(copyright National Geographic Used with permission)
Today, I'm talking with children's author Ruth Musgrave, who recently released her National Geographic kids book.
1) Tell me a little about your book and give a short synopsis.
National Geographic Kids Everything Sharks is a fun, in-depth look at sharks for 10-14 year olds (or anyone interested in sharks). Besides page after page of gorgeous photographs, the text provides a real look at how amazingly cool sharks are, introduces information often overlooked in other shark books, and shows sharks as they really are: cool, misunderstood, ocean animals that get a bad rap! And that bad rap is leading to their extinction.
2) What gave you the idea for this particular book?
It’s part of a series. I was asked to write the book.
3) Are you a full-time writer or part-time, and how do you organize your writing time?
I write full-time, am the director of WhaleTimes a nonprofit marine science organization, and a stay-at-home mom…no wonder that by 8 p.m. I’m out of steam! However, all three are the best, most rewarding jobs in the world, so I can’t complain.
4) When did you first know you wanted to be a writer?
My writing career sort of snuck up on me. I had to write and create things for a job I had, but never considered myself a writer. Because it was a completely different path than I had ever thought about, once I realized I liked writing it took a while to figure out how to make it a career.
5) What do you hope readers will take from your writing?
For National Geographic Kids Everything Sharks, I hope readers discover a love, fascination, and empathy for sharks that leads them to want to protect them. One way is by participating in Fintastic Friday: Giving Sharks a Voice. It’s an annual celebration for kids that was created because of what I discovered writing the book. As I researched ways kids could help save the plummeting shark populations I found out there was nothing they could do. I felt helpless not being able to offer them something tangible to do—and knew they’d feel helpless, too. I talked to the WhaleTimes Board of Directors and we all agreed we should – and could do something. Just as the ‘save the whales’ mantra in the 1960-70s lead to protective measures for whales, we hope Fintastic Friday saves the sharks!
6) What is the toughest part about being a writer and how do you get past it?
I’m sure it’s the same for all writers, but once you finish one project you’re all stoked and confident. At that moment, it almost seems as if it was easy getting to the end product. But, the moment you start the next project it’s back to square one and the uphill writing challenge starts again. That’s what makes writing both the frustrating and exciting.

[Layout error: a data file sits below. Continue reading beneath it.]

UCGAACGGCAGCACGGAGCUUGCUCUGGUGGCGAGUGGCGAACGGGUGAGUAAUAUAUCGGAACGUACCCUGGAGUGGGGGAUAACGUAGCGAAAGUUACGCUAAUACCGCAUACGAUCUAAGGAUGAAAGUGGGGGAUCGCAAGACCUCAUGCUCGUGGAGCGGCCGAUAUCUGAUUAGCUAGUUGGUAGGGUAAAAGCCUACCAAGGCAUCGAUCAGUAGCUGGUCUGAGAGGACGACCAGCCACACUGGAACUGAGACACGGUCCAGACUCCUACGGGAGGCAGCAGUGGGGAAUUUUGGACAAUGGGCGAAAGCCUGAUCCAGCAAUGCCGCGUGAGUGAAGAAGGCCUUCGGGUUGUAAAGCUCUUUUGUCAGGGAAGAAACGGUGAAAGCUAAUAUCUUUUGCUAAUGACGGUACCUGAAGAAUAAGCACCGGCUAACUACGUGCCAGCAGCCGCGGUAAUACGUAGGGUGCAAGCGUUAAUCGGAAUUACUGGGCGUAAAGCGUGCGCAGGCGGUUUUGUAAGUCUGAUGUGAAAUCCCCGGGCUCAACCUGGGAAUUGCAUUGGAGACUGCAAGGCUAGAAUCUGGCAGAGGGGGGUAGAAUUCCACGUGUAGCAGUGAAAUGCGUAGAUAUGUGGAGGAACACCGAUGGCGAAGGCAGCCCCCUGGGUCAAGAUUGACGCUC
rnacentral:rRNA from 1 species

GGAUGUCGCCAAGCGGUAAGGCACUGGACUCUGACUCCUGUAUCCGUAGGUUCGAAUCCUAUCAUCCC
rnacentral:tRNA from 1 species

7) What draws you to non-fiction writing?
I love animals and find science fascinating. It is a fun challenge to take something technical or high level and make it easy to understand and interesting for kids.
8) What kind of research did you do for this type of book?
Since I’ve been teaching and writing about sharks for a long time I had a bit of a head start, but I still spent weeks and weeks reading and reviewing all kinds of scientific journals and books. I also corresponded with various experts to be sure my interpretation of information was accurate.
9) What about your book makes it special?
National Geographic always produces stunningly beautiful books and magazines. The collection of photographs in National Geographic Kids Everything Sharks is the most extraordinary I’ve ever seen. There are photos of sharks most people have never seen or even heard about. The layout of the book is equally appealing and inviting. And, the book is filled with information and topics most books for kids (or adults) never discuss, yet it’s the kind of stuff that makes sharks even more amazing. For example, most people will be surprised to learn that many sharks are bioluminescent – they glow-in-the-dark!
10) Do you have an agent and do you feel an agent is necessary for non-fiction?
No. For what I do, an agent would not be helpful at this time.
11) Any tips for new writers hoping to write non-fiction?
Writing nonfiction is no easier than writing fiction. Misinformed or misguided writers and editors like to say that it is, but it’s not. Good writing is good writing and it takes skill, practice, and hard work. If you want to write fiction, then write fiction. You will not become a better fiction writer by creating poorly written nonfiction – I say poorly written because if your heart isn’t in it, it cannot be your best work.